Figure 2: Tunnelling spectroscopy of MoSe2 and hBN/Ru(0001).
Figure 2

(a) Logarithm of dI/dV spectra for single-layer MoSe2 grown on different substrates. MoSe2/hBN/Ru(0001), MoSe2/graphene/SiC and MoSe2/HOPG are shown in black, red and blue, respectively. The MoSe2 layer on hBN has a smaller quasi-particle bandgap (by about 0.25 eV) than that of the MoSe2 on graphene or graphite substrates. (b) Logarithmic dI/dV of hBN/Ru(0001) shows the remnant metallic characteristics, due to the strong interaction between single-layer hBN and Ru(0001). (c) Statistical distribution (from 102 individual dI/dV spectra) of the quasi-particle bandgap measured for MoSe2/hBN. Mean value: 1.90 eV; s.d.: 0.07 eV.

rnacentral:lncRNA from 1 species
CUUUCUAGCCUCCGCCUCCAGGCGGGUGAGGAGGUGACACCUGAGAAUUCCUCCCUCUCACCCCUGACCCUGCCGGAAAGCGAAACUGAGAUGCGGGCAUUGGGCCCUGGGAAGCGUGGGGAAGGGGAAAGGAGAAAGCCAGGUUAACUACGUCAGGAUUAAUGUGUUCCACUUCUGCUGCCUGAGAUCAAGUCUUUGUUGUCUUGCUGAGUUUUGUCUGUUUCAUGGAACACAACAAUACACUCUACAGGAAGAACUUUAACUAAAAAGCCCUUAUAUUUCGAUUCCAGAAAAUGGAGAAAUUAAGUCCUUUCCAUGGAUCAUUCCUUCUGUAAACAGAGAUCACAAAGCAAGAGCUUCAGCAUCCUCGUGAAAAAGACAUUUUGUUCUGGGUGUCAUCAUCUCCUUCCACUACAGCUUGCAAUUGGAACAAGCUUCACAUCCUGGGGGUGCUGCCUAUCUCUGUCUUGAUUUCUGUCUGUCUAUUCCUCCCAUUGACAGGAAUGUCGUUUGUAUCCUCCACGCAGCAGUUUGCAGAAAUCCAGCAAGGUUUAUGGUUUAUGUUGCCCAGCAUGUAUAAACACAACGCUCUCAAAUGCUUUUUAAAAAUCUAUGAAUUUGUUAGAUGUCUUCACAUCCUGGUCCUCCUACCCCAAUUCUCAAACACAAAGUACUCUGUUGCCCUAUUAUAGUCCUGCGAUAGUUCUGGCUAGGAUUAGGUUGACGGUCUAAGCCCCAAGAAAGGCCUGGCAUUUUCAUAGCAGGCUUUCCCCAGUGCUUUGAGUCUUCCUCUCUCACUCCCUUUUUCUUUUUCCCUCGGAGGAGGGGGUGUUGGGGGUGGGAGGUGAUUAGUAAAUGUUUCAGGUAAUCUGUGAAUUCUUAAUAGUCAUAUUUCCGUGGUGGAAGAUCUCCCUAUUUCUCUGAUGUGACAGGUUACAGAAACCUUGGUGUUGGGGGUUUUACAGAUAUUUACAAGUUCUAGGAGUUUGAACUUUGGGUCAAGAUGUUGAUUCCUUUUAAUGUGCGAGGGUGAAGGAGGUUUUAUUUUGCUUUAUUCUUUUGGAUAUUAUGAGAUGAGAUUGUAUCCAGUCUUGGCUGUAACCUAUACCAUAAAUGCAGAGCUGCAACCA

Thus, our study convincingly demonstrates the concept of band structure renormalization in TMDs. Nevertheless, the actual manifestation of renormalization is probably more complex than an intuitive interpretation of the substrate electrostatic screening and is discussed further below.

Work function modulation of MoSe2/hBN/Ru(0001)